Clod hoppers -big feet
  • Aine - Lisburn, Northern Irealnd 08 January 2012
    up the duff or preggers - pregnant
  • matty - lisburn, northern ireland 04 January 2012
    Gaff- yer house rents- parents (mother and father) Menk- disgusting
  • Phil - Norn Iron 23 December 2011
    Sicken ye - That annoys you
  • Alana - Midlands 23 December 2011
    "See you? Here's me! What about ya?" translates as "Hello. How are you?"
  • Clare - Bangor co.down 25 October 2011
    Geg! - You're a quare turn so ya are!
  • Susan Alibocus - ex Belfast, ex Northern Ireland 24 October 2011
    Does anyone remember nyurked meaning annoyed as it 'its bin nyurkin' me all day what that songs called'.
  • David - Melbourne, Australia 05 October 2011
    "Steek Spide" - a male millie someone (back in the day) who wore shellsuits and generally had a bum-fluff 'tache!
  • Chrissie - Down 03 October 2011
    Doesn't 'scundered' mean 'done for'? That's the context I normally use it in... As in "I broke all them windees playin' footie" "You're scundered mate you eejit."
  • Ulsterman - Saintfield, Norn Iron 20 April 2011
    Wee buns - easy' right there lads? - how are you gentalmen?Do your windees in - smash your windowsSaunter on clear off - go awayBuck eejit - IdiotYer man - That bloke
  • Born in BT7 - Saintfield, Norn Iron 11 March 2011
    Remember this one - - Sez he ti me "Was thon you?" Sez I "Who?" Sez he "You!" Sez I "Me?" Sez he "Yes." Sez I "no!"
  • skip - Belfast, Norn Iron 03 January 2011
    Claud - to throw - hey yous quit your claudin at them peelers
  • David - Portadown, Armagh 21 December 2010
    Are ye gittin?Shop Assistant spake for 'Are you being served?'
  • sara - belfast, Ireland 09 December 2010
    qwere (that's a qwere difference)
  • alan - houston, texas 07 December 2010
    we also tend to answer our own question in the same question - "here mate, ya wouldnt have change of a fiver would ye, no?" " Have ye ever been down to Newcastle, no?" or even in these examples, we have already decided that people dont have what we are looking for "ya wouldnt have a light?" "here mate, ya wouldnt take-is ta shaftsby square?"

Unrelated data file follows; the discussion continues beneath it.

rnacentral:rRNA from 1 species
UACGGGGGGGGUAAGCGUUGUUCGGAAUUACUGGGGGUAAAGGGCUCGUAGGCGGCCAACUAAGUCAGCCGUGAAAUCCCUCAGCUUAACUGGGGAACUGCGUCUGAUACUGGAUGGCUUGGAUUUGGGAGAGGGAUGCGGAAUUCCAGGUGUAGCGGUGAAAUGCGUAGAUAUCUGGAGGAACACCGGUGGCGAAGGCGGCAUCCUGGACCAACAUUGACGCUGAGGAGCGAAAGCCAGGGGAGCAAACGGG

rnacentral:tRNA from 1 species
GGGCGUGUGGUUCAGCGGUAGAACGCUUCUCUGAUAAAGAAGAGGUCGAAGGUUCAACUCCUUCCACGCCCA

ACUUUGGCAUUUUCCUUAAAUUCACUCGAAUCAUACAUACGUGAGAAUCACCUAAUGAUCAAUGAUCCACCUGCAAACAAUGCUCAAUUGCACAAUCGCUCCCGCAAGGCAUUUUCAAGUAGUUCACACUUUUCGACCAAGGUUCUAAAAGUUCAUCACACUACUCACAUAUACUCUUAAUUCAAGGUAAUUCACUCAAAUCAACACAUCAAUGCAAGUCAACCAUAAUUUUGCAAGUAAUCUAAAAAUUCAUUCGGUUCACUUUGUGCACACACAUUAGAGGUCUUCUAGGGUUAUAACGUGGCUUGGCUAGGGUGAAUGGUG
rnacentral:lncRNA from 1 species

• Matthew - Belfast, Northen Ireland 06 December 2010
    swall - drink had a wee swall at the weekend
  • Jack - Belfast, Belfast 23 November 2010
    J'member? Meaning "do you remember?"
  • Charles - belfast 15 November 2010
    Tha Bru - Social Welfare support, "Me Da's on tha Bru"
  • Sean Quigley - Belfast 12 November 2010
    Belter - Meaning Brillant
    Shite - Rubbish
    Milley - Female Chav
    Scroat - Back of ma ball bag
    Aye right - Sarcastic Yes
  • Juli - Newtownards, PA USA 20 October 2010
    "boggin"- dirty, grubby, etc. Ex: "Jaysus yer boggin, yer clabbered in muck and gutters"
  • M Richard Leopold - Cherry Hill, United States 19 October 2010
    Just returned from Belfast. Northern Ireland is magnificent.How about, "Mutton Dressed Like Lamb?"
  • Maggie D - belfast, Norn Iron 15 October 2010
    Maul yee - means i'd very much to spend the night with you." here, Maul yeee!!"
  • Ad Green - Belfast, N. Ireland 08 October 2010
    Skitters - diarrhoea. Them kippers were boggin' - they gave me the skitters for 2 days.
  • Conort - manchester, Ireland 21 September 2010
    Norn Iron is not slang - it is the way it is pronounced in a North Accent if you do not pick up on the middle intinations
  • ouleejit - Malaga, spain 20 September 2010